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People's Daily Online>>China Business

Stable shock absorbers

By Xiao Gang (China Daily)

08:59, March 21, 2012

Emerging economies have advantages that will enable them to weather the ill winds blowing from the West.

With growth slowing in the large emerging economies of Brazil, Russia, India and China, there is growing anxiety that the global financial crisis, which began in the United States and then spread to Europe, will finally end up in emerging economies.

To some extent, fears of this "crisis-shift" are increasing volatility in the global markets and casting another shadow over the world economy. Hence it is important for the emerging economies to take actions to alleviate the growth pressures emanating from the Western countries.

Without doubt, the emerging economies have dramatically increased their importance in the world economy. In purchasing power parity terms, they represent 50 percent of global GDP, up from 30 percent just 20 years ago. According to the latest projections of the International Monetary Fund, the 27 countries of developing Asia may contribute nearly 60 percent to global GDP growth this year.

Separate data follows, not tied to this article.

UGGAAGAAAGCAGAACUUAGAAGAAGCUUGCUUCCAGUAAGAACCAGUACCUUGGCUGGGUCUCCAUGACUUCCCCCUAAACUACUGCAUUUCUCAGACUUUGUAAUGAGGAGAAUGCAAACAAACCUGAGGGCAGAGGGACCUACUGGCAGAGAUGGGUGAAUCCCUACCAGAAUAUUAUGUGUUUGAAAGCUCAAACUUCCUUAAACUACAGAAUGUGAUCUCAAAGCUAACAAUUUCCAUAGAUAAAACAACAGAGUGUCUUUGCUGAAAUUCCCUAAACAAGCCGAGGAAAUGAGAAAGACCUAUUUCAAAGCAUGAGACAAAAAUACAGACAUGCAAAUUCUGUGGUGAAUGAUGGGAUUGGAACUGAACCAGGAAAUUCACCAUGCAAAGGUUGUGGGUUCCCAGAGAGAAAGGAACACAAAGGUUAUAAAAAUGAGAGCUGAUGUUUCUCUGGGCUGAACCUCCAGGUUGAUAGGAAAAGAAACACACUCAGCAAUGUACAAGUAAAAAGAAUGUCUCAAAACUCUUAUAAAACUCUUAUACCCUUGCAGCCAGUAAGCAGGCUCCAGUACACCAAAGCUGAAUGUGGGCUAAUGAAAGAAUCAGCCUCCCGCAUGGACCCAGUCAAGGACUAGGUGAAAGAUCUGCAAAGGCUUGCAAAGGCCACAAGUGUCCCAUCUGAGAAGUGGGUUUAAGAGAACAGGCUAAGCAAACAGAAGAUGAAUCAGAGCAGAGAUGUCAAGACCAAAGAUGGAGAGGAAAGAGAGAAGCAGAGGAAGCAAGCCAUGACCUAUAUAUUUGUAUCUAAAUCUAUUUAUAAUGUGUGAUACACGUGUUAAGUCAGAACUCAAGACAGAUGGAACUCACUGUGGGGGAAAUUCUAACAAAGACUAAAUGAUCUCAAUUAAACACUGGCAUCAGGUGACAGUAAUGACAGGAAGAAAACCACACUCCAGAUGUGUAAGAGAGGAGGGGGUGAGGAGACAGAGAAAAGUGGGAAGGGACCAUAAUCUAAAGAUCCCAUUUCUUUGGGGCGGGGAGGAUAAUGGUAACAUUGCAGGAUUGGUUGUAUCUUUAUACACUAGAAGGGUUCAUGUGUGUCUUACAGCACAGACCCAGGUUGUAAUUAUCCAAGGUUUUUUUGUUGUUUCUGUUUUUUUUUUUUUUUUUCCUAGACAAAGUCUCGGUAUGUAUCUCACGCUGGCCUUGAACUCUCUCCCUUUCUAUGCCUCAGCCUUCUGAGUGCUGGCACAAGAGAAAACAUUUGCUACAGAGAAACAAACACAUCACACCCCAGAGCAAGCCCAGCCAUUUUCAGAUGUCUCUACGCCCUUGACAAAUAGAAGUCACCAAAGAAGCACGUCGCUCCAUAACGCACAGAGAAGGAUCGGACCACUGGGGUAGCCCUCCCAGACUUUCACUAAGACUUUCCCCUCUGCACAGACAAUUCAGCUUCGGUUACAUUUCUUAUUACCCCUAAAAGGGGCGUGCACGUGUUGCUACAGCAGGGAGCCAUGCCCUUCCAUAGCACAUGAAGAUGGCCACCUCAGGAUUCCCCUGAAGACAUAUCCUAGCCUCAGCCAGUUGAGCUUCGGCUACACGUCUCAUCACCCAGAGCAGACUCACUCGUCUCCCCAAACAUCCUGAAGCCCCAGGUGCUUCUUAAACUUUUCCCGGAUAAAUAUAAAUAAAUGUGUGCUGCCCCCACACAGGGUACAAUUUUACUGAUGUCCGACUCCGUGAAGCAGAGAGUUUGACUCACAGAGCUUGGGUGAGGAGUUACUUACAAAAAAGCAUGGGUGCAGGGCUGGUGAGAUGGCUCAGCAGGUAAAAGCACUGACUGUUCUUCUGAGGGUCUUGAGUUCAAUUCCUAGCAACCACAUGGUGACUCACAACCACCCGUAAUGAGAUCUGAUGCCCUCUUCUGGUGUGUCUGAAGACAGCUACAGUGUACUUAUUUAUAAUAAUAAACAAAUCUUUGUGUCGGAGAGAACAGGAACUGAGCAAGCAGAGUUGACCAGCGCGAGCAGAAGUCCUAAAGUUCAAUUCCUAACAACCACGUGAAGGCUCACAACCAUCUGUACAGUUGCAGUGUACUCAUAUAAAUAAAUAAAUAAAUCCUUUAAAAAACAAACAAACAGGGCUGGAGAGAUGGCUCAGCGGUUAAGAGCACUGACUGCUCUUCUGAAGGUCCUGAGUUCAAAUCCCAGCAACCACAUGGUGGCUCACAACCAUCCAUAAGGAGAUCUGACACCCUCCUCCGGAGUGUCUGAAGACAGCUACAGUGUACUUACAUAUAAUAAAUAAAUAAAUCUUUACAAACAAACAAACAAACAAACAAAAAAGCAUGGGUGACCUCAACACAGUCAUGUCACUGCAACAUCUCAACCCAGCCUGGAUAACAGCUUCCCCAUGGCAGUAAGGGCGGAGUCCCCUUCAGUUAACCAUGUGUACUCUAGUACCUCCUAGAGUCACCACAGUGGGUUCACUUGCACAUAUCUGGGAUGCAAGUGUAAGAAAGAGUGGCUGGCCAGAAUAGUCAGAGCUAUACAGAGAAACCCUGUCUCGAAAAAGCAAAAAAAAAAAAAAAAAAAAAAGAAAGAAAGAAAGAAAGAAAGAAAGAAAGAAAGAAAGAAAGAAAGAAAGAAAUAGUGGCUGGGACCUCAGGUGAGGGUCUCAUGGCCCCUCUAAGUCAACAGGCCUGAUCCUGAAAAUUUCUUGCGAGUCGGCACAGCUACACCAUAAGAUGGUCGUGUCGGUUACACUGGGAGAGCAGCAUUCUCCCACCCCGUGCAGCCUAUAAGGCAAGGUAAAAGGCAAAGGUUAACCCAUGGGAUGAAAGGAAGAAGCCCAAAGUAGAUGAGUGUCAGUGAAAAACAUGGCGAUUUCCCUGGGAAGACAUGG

Because of their rich human resources, relatively high saving rates, and rapid urbanization, emerging economies are better positioned to address the new challenges that lie ahead.

During the global crisis, deleveraging in developed countries forced governments, banking systems, corporations and individuals to reduce debt. This process depressed housing markets and slowed consumer spending; and the process is far from over. Meanwhile, jobs, funds and other economic opportunities are shifting to emerging economies.

In addition, many emerging countries, drawing on the lessons learned from the Asian financial crises and other debt crises that took place in the 1990s and early 2000s, have carried out various adjustments and reforms in fiscal consolidation and monetary policy management, and have improved their financial supervision and the development of local financial markets. These moves have played and will continue to play an important role in responding to shocks.

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